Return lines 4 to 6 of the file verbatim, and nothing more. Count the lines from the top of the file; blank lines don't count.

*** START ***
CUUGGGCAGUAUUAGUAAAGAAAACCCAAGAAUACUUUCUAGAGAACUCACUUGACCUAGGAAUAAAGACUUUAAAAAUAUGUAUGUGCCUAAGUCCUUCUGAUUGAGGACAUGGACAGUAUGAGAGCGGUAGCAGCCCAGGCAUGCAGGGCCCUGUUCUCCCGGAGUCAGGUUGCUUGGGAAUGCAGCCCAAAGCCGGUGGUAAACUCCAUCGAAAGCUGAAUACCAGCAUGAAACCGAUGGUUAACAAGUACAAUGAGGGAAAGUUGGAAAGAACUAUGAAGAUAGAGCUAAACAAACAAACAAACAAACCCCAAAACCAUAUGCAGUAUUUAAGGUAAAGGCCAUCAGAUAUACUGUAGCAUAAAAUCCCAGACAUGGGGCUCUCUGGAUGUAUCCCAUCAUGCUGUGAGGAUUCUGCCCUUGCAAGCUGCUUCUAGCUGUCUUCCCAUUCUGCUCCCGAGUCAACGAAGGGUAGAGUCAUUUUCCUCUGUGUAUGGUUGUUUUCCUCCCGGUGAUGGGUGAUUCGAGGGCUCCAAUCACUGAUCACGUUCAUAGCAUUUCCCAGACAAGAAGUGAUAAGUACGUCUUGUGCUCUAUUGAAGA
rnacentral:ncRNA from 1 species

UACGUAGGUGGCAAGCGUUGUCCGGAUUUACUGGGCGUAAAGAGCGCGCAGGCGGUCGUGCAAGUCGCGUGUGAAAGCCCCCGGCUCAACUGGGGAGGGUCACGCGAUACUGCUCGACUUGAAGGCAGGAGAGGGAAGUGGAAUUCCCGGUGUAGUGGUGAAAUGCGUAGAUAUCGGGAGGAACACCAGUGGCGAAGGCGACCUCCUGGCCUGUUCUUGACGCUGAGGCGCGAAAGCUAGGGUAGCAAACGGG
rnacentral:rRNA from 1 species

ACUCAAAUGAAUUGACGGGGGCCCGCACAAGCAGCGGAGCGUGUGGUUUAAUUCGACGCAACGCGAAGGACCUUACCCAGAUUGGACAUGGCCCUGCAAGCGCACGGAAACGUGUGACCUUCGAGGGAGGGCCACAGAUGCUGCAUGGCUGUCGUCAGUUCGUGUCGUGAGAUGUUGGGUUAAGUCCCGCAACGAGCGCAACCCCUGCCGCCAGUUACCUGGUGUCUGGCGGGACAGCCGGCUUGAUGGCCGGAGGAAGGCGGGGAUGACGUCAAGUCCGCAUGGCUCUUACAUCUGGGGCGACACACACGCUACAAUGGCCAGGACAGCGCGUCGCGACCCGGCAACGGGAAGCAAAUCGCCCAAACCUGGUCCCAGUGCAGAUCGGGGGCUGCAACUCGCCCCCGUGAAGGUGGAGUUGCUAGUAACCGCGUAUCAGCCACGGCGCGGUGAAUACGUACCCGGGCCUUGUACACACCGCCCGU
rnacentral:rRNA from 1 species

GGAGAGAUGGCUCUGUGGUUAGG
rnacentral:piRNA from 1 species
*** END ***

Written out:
rnacentral:rRNA from 1 species

ACUCAAAUGAAUUGACGGGGGCCCGCACAAGCAGCGGAGCGUGUGGUUUAAUUCGACGCAACGCGAAGGACCUUACCCAGAUUGGACAUGGCCCUGCAAGCGCACGGAAACGUGUGACCUUCGAGGGAGGGCCACAGAUGCUGCAUGGCUGUCGUCAGUUCGUGUCGUGAGAUGUUGGGUUAAGUCCCGCAACGAGCGCAACCCCUGCCGCCAGUUACCUGGUGUCUGGCGGGACAGCCGGCUUGAUGGCCGGAGGAAGGCGGGGAUGACGUCAAGUCCGCAUGGCUCUUACAUCUGGGGCGACACACACGCUACAAUGGCCAGGACAGCGCGUCGCGACCCGGCAACGGGAAGCAAAUCGCCCAAACCUGGUCCCAGUGCAGAUCGGGGGCUGCAACUCGCCCCCGUGAAGGUGGAGUUGCUAGUAACCGCGUAUCAGCCACGGCGCGGUGAAUACGUACCCGGGCCUUGUACACACCGCCCGU
rnacentral:rRNA from 1 species